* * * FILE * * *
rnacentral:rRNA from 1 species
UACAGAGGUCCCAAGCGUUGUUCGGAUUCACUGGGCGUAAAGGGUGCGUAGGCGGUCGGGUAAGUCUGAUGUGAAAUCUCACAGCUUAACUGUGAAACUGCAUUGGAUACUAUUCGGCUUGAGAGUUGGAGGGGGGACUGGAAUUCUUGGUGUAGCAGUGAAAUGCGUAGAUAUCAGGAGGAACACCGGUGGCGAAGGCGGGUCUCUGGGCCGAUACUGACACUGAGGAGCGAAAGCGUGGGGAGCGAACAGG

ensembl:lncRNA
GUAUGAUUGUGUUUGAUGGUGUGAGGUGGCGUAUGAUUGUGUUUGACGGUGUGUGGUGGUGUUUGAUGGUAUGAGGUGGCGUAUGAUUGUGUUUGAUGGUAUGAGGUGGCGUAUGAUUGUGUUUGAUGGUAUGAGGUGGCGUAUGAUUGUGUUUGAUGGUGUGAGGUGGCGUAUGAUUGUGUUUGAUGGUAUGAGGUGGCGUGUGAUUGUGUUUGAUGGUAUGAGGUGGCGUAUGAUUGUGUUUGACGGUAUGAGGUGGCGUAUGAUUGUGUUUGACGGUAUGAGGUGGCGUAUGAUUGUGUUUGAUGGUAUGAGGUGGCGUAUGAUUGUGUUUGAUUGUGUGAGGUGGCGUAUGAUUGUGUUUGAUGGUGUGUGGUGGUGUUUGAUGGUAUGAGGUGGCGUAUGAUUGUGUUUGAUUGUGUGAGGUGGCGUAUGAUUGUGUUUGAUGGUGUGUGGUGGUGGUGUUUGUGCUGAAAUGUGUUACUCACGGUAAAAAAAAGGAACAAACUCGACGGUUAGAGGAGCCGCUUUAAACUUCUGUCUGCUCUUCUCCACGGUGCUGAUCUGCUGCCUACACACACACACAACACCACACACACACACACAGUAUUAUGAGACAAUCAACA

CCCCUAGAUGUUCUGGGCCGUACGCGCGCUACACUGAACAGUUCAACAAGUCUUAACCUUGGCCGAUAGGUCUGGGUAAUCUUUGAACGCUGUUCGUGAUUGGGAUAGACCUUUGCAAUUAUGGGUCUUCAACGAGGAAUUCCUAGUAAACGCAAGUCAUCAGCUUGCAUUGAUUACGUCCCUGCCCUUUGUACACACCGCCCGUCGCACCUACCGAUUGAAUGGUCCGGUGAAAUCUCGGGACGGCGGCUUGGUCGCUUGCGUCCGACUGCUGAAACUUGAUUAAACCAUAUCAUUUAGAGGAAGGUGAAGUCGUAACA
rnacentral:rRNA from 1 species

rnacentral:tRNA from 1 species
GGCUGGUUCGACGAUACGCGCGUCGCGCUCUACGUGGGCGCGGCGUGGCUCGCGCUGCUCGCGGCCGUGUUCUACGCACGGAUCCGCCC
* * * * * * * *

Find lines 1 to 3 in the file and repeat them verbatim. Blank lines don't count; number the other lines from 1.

rnacentral:rRNA from 1 species
UACAGAGGUCCCAAGCGUUGUUCGGAUUCACUGGGCGUAAAGGGUGCGUAGGCGGUCGGGUAAGUCUGAUGUGAAAUCUCACAGCUUAACUGUGAAACUGCAUUGGAUACUAUUCGGCUUGAGAGUUGGAGGGGGGACUGGAAUUCUUGGUGUAGCAGUGAAAUGCGUAGAUAUCAGGAGGAACACCGGUGGCGAAGGCGGGUCUCUGGGCCGAUACUGACACUGAGGAGCGAAAGCGUGGGGAGCGAACAGG

ensembl:lncRNA